As the world becomes increasingly globally connected, more people than ever live away from their birth country. This means that more and more people will need to learn to adapt and integrate with new cultures and experiences. This can be a difficult process, because in their efforts to adapt, they might try to forget or abandon their previous culture in order to better assimilate to their new home. In this Creative Project, I examine my own transnational journey as a Russian living in America. I wanted to see how my identity as a person linked by two very different places has shaped who I am and what I want to be. Now that I am finishing college, how will my Russianness shape my possibilities in the future? In order to start this reflective process, I read 10 transitional novels to gain a sense of how other Russians processed their lives in America. I then used the insights I gained from these texts to design a set of questions that I asked myself and two other people, both with backgrounds that were similar to my own. Based on these discussions, I gained a greater appreciation for how my Russianness could be a real strength as I chart my future path in life.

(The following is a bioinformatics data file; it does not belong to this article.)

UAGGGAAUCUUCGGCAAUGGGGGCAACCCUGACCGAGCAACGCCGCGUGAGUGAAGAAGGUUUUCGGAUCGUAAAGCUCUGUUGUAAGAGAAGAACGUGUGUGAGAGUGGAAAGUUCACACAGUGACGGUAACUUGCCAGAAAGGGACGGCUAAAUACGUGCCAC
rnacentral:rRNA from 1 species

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Agent

Created

Date Created
  • 2021-05

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Becoming Russian through Ballet: The Russian Soul Revealed in the Memoirs of Six Prominent Dancers

Description

What makes a Russian dancer Russian? In 1909 Sergei Diaghilev essentially created a tradition of "Russian ballet" through his Ballets Russes, which brought the stars of the imperial Petersburg theater